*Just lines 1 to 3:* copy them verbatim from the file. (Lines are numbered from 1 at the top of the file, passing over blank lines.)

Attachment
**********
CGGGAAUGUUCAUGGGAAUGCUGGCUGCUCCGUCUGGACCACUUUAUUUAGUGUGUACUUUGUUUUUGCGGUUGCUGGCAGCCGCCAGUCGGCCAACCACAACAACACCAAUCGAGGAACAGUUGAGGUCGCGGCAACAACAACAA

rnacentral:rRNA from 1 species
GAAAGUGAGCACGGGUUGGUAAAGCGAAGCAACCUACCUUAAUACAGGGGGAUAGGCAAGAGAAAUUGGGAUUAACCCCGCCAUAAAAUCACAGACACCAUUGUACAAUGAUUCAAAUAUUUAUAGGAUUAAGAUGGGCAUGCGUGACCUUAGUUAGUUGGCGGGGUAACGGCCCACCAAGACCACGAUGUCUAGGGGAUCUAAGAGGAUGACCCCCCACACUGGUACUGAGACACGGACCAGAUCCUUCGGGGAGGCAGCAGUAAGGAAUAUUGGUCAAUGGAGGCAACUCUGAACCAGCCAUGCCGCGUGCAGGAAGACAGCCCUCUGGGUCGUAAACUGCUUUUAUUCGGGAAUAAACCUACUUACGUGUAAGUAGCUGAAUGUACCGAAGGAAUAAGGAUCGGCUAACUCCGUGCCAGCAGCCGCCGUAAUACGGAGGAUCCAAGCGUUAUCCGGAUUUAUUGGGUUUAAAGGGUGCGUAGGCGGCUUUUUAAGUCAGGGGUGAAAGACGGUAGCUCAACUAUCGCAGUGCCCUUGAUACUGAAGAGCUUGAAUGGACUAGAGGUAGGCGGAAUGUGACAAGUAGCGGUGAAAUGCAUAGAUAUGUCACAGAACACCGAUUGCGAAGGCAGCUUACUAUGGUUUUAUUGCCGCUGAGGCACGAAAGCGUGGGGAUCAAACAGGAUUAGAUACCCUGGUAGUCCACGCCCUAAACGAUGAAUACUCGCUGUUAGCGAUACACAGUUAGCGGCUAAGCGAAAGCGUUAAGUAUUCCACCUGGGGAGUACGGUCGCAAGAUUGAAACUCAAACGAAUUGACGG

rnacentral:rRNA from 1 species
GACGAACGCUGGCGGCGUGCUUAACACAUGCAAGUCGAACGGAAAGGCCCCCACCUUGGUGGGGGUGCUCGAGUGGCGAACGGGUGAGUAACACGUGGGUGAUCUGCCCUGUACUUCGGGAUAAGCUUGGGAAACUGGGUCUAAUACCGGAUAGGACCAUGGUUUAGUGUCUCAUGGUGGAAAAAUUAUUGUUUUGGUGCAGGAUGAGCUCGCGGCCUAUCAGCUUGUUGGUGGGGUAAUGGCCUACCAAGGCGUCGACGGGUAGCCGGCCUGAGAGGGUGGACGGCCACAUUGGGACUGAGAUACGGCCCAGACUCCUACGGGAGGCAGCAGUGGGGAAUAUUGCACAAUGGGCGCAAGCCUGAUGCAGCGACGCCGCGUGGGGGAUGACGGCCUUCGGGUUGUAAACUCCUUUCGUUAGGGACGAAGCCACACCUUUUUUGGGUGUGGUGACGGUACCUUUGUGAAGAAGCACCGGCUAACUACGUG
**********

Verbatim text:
CGGGAAUGUUCAUGGGAAUGCUGGCUGCUCCGUCUGGACCACUUUAUUUAGUGUGUACUUUGUUUUUGCGGUUGCUGGCAGCCGCCAGUCGGCCAACCACAACAACACCAAUCGAGGAACAGUUGAGGUCGCGGCAACAACAACAA

rnacentral:rRNA from 1 species
GAAAGUGAGCACGGGUUGGUAAAGCGAAGCAACCUACCUUAAUACAGGGGGAUAGGCAAGAGAAAUUGGGAUUAACCCCGCCAUAAAAUCACAGACACCAUUGUACAAUGAUUCAAAUAUUUAUAGGAUUAAGAUGGGCAUGCGUGACCUUAGUUAGUUGGCGGGGUAACGGCCCACCAAGACCACGAUGUCUAGGGGAUCUAAGAGGAUGACCCCCCACACUGGUACUGAGACACGGACCAGAUCCUUCGGGGAGGCAGCAGUAAGGAAUAUUGGUCAAUGGAGGCAACUCUGAACCAGCCAUGCCGCGUGCAGGAAGACAGCCCUCUGGGUCGUAAACUGCUUUUAUUCGGGAAUAAACCUACUUACGUGUAAGUAGCUGAAUGUACCGAAGGAAUAAGGAUCGGCUAACUCCGUGCCAGCAGCCGCCGUAAUACGGAGGAUCCAAGCGUUAUCCGGAUUUAUUGGGUUUAAAGGGUGCGUAGGCGGCUUUUUAAGUCAGGGGUGAAAGACGGUAGCUCAACUAUCGCAGUGCCCUUGAUACUGAAGAGCUUGAAUGGACUAGAGGUAGGCGGAAUGUGACAAGUAGCGGUGAAAUGCAUAGAUAUGUCACAGAACACCGAUUGCGAAGGCAGCUUACUAUGGUUUUAUUGCCGCUGAGGCACGAAAGCGUGGGGAUCAAACAGGAUUAGAUACCCUGGUAGUCCACGCCCUAAACGAUGAAUACUCGCUGUUAGCGAUACACAGUUAGCGGCUAAGCGAAAGCGUUAAGUAUUCCACCUGGGGAGUACGGUCGCAAGAUUGAAACUCAAACGAAUUGACGG